The Work That Reconnects
The work that Reconnects is a group work which arose in North America in the late 1970s, during a time of escalating concerns about nuclear weaponry and the hazards of nuclear power. Then it was called “despair and empowerment” work. In the mid-1980s participants began calling it Deep Ecology work, thanks to the consonance and inspiration they found in the deep ecological perspective. With the publication of the book Coming Back to Life in 1998 the name the Work that Reconnects was chosen to describe this work. A new edition published in 2014 includes the exploration of the impact of power, privilege and oppression dynamics. In 2012 the book Active Hope: How to Face the Mess We’re in without Going Crazy, by Joanna Macy and Chris Johnstone, came out. This book is very appropriate for individual reflection. The term Active Hope speaks to many.
“So this is where we begin – by acknowledging that our times confront us with realities that are painful to face, difficult to take in, confusing to live with, our approach is to see this as the starting point of an amazing journey hat strengthens us and deepens our aliveness. The purpose of this journey is to find, offer, and receive the gift of Active Hope.” Joanna Macy
Joanna Macy is the root teacher of the Work That Reconnects. She is a scholar of Buddhism, general systems theory, deep ecology and involved in over five decades of activism. She is a respected voice in the movements for peace, justice, and ecology. TWTR offers a ground-breaking theoretical framework and workshop methodology for personal and social change.
TWTR identifies three stories or versions of reality that shape our perceptions, like a lens through which we see what’s happening: Business as Usual (going on as we are used to), the Great Unraveling (in which we see the world as we know it fall apart), and the Great Turning (through life saving actions, systems change and shifts in consciousness, bringing forth a life- sustaining society). These three stories can be seen as all happening right now at the same time.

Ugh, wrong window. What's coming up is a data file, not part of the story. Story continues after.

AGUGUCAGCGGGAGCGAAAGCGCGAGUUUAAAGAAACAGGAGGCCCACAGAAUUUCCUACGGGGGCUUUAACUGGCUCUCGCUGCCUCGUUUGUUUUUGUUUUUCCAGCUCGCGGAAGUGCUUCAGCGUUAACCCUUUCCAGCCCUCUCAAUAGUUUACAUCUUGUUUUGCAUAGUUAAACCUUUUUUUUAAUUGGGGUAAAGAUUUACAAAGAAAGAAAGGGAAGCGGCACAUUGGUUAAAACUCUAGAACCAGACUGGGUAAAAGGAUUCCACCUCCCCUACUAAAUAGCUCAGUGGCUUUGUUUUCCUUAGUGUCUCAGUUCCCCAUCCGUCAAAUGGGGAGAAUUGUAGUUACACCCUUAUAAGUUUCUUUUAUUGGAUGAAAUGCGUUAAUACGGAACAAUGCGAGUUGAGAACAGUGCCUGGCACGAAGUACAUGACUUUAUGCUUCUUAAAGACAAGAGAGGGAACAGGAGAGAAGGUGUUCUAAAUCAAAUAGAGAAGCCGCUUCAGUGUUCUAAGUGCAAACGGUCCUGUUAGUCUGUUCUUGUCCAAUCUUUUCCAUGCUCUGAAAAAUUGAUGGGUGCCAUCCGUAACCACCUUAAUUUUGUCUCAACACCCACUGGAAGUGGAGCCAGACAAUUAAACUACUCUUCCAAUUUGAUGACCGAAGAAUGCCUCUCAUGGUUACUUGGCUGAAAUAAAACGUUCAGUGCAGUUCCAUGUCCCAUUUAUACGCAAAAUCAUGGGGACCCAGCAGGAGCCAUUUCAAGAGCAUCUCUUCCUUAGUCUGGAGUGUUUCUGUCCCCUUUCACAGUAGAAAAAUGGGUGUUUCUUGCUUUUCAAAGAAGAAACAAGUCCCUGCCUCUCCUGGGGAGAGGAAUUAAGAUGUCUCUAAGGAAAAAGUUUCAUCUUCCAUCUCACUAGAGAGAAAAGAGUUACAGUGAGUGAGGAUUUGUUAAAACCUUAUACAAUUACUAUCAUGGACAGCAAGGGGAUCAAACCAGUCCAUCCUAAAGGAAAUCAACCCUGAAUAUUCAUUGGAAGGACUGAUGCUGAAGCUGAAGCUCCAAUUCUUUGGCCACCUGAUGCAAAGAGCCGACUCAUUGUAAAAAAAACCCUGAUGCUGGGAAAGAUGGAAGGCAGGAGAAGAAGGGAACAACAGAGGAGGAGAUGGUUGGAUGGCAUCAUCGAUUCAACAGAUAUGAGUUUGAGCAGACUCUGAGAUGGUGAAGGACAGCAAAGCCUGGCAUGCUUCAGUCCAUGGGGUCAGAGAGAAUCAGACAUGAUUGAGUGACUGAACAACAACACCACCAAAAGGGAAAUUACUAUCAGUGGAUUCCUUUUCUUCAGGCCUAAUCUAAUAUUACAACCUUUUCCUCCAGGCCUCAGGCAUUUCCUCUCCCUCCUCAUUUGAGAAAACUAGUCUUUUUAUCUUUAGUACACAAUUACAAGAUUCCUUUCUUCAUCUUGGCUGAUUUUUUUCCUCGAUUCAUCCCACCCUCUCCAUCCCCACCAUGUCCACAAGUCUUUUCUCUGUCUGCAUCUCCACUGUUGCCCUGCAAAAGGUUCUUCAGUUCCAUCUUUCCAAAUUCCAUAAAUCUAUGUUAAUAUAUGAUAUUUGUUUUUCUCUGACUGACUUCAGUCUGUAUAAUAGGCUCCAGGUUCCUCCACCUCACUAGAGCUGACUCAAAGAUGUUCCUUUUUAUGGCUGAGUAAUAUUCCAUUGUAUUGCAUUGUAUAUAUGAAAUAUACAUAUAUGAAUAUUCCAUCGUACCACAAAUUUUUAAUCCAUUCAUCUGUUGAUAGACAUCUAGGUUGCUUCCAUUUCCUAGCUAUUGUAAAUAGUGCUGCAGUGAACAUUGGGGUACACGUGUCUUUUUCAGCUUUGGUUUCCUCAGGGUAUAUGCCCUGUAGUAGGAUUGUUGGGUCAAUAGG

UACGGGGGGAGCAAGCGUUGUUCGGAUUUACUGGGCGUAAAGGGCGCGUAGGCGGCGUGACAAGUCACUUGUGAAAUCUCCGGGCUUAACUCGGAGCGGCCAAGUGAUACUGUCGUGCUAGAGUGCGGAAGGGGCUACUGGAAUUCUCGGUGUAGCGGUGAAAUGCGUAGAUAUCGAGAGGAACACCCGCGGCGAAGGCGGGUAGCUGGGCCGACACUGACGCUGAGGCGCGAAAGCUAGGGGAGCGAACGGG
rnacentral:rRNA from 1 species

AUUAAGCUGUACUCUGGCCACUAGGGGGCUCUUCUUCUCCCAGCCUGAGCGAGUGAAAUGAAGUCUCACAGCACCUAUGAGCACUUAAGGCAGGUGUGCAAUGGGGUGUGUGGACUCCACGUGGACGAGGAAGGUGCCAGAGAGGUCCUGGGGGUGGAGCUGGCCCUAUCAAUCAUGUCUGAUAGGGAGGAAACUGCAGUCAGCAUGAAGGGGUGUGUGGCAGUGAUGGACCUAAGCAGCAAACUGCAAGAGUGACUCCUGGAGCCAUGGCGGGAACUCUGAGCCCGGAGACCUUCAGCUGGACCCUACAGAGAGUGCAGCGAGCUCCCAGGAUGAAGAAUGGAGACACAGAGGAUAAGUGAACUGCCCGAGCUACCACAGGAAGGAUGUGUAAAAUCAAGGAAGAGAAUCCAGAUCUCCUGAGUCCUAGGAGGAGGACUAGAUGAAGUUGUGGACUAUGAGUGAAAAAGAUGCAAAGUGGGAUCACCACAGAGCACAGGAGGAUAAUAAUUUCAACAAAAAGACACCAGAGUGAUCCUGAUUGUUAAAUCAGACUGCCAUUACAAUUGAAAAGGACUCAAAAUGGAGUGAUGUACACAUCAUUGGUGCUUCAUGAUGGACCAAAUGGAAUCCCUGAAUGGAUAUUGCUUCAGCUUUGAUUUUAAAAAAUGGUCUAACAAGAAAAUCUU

The Work That Reconnects occurs in a spiral, mapping a journey through four successive stages: Coming from Gratitude, Honoring our Pain for the World, Seeing with New Eyes, and Going Forth. These four stages support one another, and work best when experienced in sequence. They help us experience first hand that we are larger, stronger, deeper, and more creative than we have been brought up to believe.
TWTR consists of many forms of experiential group work relating to deep ecology, deep time, systems work, despair and empowerment. In this work there is room for inner exploration, at the same time it is a group method. The value of groupwork is that it offers support, is synergistic and generates community. The work uses rituals, meditations, bodywork, open dialogue, storytelling and nature connection practices. Our interconnectedness with all beings is central in this working method.